I think what you need to remember that he isn't wrong for wanting less than polyamory, for wanting a form of ethical non monogamy that is closer to monogamy because it restricts emotional availability outside of the primary relationship. He doesn't need to change, he doesn't need to evolve, he doesn't need to achieve the poly status. He is just him and he doesn't want his wife having other romantic, loving relationships outside of their marriage. That might not be compatible with your long term needs and you have to decide whether you want to change what you need and be happy with something closer to monogamy, or you want to end your marriage to pursue polyamorous relationships.
I told her that I needed to decompress when I came home and that, if she would give me an hour of peace after I came home that I would be much more likely to join her in some of her energy level. It worked well enough, I felt less like she was draining the life out of me and she had a "schedule" for her anxiety.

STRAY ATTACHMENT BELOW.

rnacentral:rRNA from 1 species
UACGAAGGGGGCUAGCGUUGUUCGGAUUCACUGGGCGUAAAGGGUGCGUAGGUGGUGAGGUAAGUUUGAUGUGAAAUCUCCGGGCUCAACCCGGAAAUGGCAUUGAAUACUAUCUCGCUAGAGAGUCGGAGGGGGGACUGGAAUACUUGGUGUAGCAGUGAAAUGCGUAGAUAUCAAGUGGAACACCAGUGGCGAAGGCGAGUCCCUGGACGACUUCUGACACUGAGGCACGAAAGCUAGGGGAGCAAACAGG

If you see here, Marcus clearly sees his need to not interact with his partner as more important than her need to interact. Now, of course, it's his need so that is going to be high up in his list of Important Things but look at what that is actually saying to your partner: "my needs come first". Why couldn't he agree to interact for an hour and then be left in peace? Why must the thing he wants come first? Why must the thing she wants come second? Yes, they reached a compromise, but a compromise that clearly stated that her needs are of less importance, are less relevant and less "right" than his. In truth, neither of them are right or wrong, they are just wholly incompatible.